Phase separation: The homogenized samples were incubated for 5 minutes at 15 to 30° C. to permit the complete dissociation of nucleoprotein complexes. Then, 0.2 ml of chloroform (Riedel-de-haen) per 1 ml of trizol reagent was added. Sample tubes were capped securely. The tubes were vigorously shaken by hand for 15 seconds and incubated at 15 to 30° C. for 2 to 3 minutes. The samples were centrifuged at no more than 12,000×g for 15 minutes at 2 to 8° C. Following centrifugation, the mixture separated into a lower red, phenol-chloroform phase, an interphase, and a colorless upper aqueous phase. RNA remained exclusively in the aqueous phase.
RNA precipitation: The aqueous phase was transferred to a fresh tube. The RNA was precipitated from the aqueous phase by mixing with isopropyl alcohol (Fluka). 0.5 ml of isopropyl alcohol was added for every 1 ml of trizol reagent which was added for homogenization initially. The samples were incubated at 15 to 30° C. for 10 minutes and centrifuged at no more than 12,000×g for 10 minutes at 2 to 8° C.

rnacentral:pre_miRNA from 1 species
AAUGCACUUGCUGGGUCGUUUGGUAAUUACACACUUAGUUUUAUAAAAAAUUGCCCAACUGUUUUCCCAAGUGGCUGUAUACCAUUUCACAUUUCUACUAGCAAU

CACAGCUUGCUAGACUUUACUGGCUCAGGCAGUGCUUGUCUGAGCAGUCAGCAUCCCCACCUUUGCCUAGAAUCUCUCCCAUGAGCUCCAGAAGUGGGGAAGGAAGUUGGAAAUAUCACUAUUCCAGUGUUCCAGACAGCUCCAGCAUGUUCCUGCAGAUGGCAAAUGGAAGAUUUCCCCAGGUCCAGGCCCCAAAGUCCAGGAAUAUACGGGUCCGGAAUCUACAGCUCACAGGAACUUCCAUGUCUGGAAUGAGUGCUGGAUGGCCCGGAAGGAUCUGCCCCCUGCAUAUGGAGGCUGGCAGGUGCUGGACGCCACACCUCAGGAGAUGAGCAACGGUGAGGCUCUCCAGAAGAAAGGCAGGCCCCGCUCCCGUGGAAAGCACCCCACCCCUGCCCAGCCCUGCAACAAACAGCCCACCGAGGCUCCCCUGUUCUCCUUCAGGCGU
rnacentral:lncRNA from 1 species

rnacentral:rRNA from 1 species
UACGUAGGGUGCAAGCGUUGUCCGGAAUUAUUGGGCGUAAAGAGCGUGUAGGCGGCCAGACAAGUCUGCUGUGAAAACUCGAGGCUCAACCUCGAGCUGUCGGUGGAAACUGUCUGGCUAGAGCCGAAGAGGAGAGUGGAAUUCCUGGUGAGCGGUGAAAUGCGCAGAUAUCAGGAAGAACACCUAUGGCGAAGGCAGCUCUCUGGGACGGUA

RNA wash: The supernatant was removed. The RNA pellet was washed once with 75% ethanol, using at least 1 ml of 75% ethanol for every 1 ml of trizol reagent, which was added for the homogenization initially. The sample was mixed by vortexing and centrifuged at no more than 7,500×g for 5 minutes at 2 to 8° C.
Re-dissolving the RNA: The supernatant was removed, and then the RNA pellet was dried. The RNA was dissolved in RNase-free water, and incubated for 10 minutes at 55 to 60° C. The RNA can be stored at -70° C.
Human tumor cell lines (MCF-7, CL1-5, HT-29, Caco-2), human umbilical vascular endothelial cells (HUVEC), and human dermal fibroblasts (HDF) were tested for sensitivity on Angelicae sinensis extracts, ligustilide, n-butylidenephthalide and its derivatives in vitro. The DBTRG-05MG, BCM, HL-60 and J5 cells were grown in RPMI-1640 medium containing 10% fetal calf serum and 100 ng/ml penicillin and 100 ng/ml streptomycin at 37° C. in a humidified atmosphere with 5% CO2. The G5T/VGH, RG2, N18, SVEC and Balb/3T3 cells were cultured in DMEM with 10% fetal calf serum and 100 ng/ml penicillin and 100 ng/ml streptomycin at 37° C. in 5% CO2. Mycoplasma infection of the culture cells was excluded by PCR screening methods before each experiment.
Analysis of Cell Cytotoxicity